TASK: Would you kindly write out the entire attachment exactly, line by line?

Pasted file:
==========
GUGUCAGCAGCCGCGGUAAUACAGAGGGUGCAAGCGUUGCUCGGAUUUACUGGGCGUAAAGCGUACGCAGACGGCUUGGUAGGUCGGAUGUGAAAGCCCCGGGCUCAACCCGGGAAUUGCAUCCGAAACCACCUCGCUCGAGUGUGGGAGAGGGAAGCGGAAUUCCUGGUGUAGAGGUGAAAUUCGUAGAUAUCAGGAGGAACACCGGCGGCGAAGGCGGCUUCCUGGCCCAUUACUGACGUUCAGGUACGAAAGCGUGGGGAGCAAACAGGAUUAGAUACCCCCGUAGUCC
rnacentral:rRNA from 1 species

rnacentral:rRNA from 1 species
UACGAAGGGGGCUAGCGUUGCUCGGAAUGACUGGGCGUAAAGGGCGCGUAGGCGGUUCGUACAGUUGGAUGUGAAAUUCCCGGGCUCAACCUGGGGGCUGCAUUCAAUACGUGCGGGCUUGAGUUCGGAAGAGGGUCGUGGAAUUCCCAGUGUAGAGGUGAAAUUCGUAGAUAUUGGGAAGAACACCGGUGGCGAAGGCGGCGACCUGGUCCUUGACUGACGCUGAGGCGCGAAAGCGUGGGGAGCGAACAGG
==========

GUGUCAGCAGCCGCGGUAAUACAGAGGGUGCAAGCGUUGCUCGGAUUUACUGGGCGUAAAGCGUACGCAGACGGCUUGGUAGGUCGGAUGUGAAAGCCCCGGGCUCAACCCGGGAAUUGCAUCCGAAACCACCUCGCUCGAGUGUGGGAGAGGGAAGCGGAAUUCCUGGUGUAGAGGUGAAAUUCGUAGAUAUCAGGAGGAACACCGGCGGCGAAGGCGGCUUCCUGGCCCAUUACUGACGUUCAGGUACGAAAGCGUGGGGAGCAAACAGGAUUAGAUACCCCCGUAGUCC
rnacentral:rRNA from 1 species

rnacentral:rRNA from 1 species
UACGAAGGGGGCUAGCGUUGCUCGGAAUGACUGGGCGUAAAGGGCGCGUAGGCGGUUCGUACAGUUGGAUGUGAAAUUCCCGGGCUCAACCUGGGGGCUGCAUUCAAUACGUGCGGGCUUGAGUUCGGAAGAGGGUCGUGGAAUUCCCAGUGUAGAGGUGAAAUUCGUAGAUAUUGGGAAGAACACCGGUGGCGAAGGCGGCGACCUGGUCCUUGACUGACGCUGAGGCGCGAAAGCGUGGGGAGCGAACAGG